But next time you want to quote me, quote me right!

    Cheers

    Rod
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  15. #15
    Tadpole
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    Didnt relise we were splitting hairs here but fair enuf... So we're obviously talking about cracks in the fly-cut area?? if not then I'm struggling for other places combustion gas can enter a crankcase via the head. I dont slag off, I'm here to find decent intelligent conversation about engines, I cant see how its a problem throwing my 2 cents worth in. If you're talking about blowby being caused by wear to the valve guides, then yeh, I agree high blowby, but I hope the cops haven't pulled you over yet for the amount of smoke you must blowing. Do you guys measure you're blow-by, we, as a standard, measure 1.2 times the hp for a reading. i.e. 430 hp truck engine, 500 cu.ft/hr is acceptable. The spec is for high idle, NOT rated load. Obviously expect much higher readings, but not neccessarily, at full load. I do apologise Rod, I was trying to point out the bits i disagreed with, not to misquote you.

    <small>[ 16 August 2003, 09:22 AM: Message edited by: R6ual ]</small>

  16. #16
    1000+ Posts Rod Hagen's Avatar
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    R6ual:
    Didnt relise we were splitting hairs here but fair enuf... So we're obviously talking about cracks in the fly-cut area?? if not then I'm struggling for other places combustion gas can enter a crankcase via the head. I dont slag off, I'm here to find decent intelligent conversation about engines, I cant see how its a problem throwing my 2 cents worth in. If you're talking about blowby being caused by wear to the valve guides, then yeh, I agree high blowby, but I hope the cops haven't pulled you over yet for the amount of smoke you must blowing. Do you guys measure you're blow-by, we, as a standard, measure 1.2 times the hp for a reading. i.e. 430 hp truck engine, 500 cu.ft/hr is acceptable. The spec is for high idle, NOT full load. Obviously expect much higher readings, but not neccessarily, at full load. I do apologise Rod, I was trying to point out the bits i disagreed with, not to misquote you.
    I was actually talking about "blow by" in connection with the rings, R6, as you will see if you re-read what I actually wrote, but suggesting that cylinder head and valve problems in Peugeot XN6 motors can also lead to higher than usual crankcase pressure.

    Peugeot XN engines have a hemi chambered alloy head sitting on a cast iron block, with wet cylinder liners and push rods . They have evolved from a bored out version of a motor that started life in 1947 with a capacity of 1290cc, gradually increase to 2 litres.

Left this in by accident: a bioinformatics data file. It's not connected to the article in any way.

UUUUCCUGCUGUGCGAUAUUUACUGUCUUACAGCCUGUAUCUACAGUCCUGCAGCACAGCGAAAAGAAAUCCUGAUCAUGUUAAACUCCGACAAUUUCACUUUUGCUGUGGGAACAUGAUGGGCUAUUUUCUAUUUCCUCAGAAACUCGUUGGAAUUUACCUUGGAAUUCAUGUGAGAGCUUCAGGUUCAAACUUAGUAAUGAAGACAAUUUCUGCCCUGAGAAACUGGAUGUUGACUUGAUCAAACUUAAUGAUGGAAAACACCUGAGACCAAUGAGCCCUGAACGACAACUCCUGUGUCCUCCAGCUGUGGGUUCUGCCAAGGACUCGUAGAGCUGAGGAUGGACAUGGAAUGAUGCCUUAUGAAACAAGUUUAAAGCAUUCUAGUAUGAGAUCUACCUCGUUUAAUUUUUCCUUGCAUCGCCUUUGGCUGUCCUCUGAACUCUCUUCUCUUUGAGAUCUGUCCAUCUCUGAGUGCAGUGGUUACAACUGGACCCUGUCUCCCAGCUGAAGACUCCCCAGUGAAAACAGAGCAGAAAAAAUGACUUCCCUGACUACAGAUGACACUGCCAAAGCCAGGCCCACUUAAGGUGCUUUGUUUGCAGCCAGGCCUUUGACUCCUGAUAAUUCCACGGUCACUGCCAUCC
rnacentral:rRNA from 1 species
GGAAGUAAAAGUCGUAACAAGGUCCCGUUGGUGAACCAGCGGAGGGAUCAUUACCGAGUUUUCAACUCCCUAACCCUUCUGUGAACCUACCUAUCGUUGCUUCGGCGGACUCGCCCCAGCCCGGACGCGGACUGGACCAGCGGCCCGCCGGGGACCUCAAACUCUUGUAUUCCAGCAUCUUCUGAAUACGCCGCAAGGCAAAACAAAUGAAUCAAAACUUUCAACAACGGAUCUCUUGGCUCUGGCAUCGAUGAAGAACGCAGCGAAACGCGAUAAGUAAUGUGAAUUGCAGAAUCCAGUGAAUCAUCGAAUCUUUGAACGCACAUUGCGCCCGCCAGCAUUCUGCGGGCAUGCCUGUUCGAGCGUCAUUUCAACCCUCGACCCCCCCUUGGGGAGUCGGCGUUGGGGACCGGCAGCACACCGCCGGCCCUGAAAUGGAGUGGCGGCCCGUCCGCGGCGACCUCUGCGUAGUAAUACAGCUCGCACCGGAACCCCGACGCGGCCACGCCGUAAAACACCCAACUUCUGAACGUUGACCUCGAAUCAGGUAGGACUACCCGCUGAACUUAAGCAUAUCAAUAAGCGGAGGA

Yes, it changed a lot over the years to enable it to cope, but one of the consequences of its growth is comparative fragility of some aspects of the head, and increased demands on the head gasket coupled with the ever greater proximity of oil, coolant and the combustion process.

    These motors, by the way, are extremely reliable, but when problems happen they often result from such things. Essentially any defect that allows combustion products or volatile material into the oil system can lead to increased crankcase pressure. In fact , even a burnt out valve or a dead spark plug can ultimately result in increased crankcase pressure through gradual dilution of oil by unburnt fuel.

    Cheers

    Rod

    <small>[ 26 August 2003, 12:46 PM: Message edited by: Rod Hagen ]</small>
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  17. #17
    nJm
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    I've learnt quite a bit about the XN motors in this thread.

    today I had another poke around, despite replacing the hose that runs from the oil filler to the manifold (?), I'm still getting 'mayo' in the filler, although no longer on the dipstick. Despite having replaced the rocker cover gasket a month ago it is seriously leaking from around cylinder 1 (firewall side). However, it almost looks like the oil is leaking from the groove between the top of the rocker cover and the support for the air filter unit (hope you know what I mean).

    I'm taking my car into the mechanics on Monday to get the carb tweaked so I'll get his opinion on all this, as I find it a little hard describing the problems due to my lack of knowledge on these matters.
    Nick
    1983 Peugeot 505 GR


    "All of its cars from the 1.1 litre 205 through the ugly duckling 309 to the 2.2 litre 505 GTi had a rightness and a righteousness about them that turned every humdrum drive into a journey. Someone, I once wrote, in the bowels of Peugeot understands handling and how a chassis should feel." - Jeremy Clarkson

  18. #18
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    Nick, BTW, lots of short trips in cold weather can also give you 'mayo', simply because the engine doesn't run at temperature long enough to evaporate the minor condensation you get in the crankcase.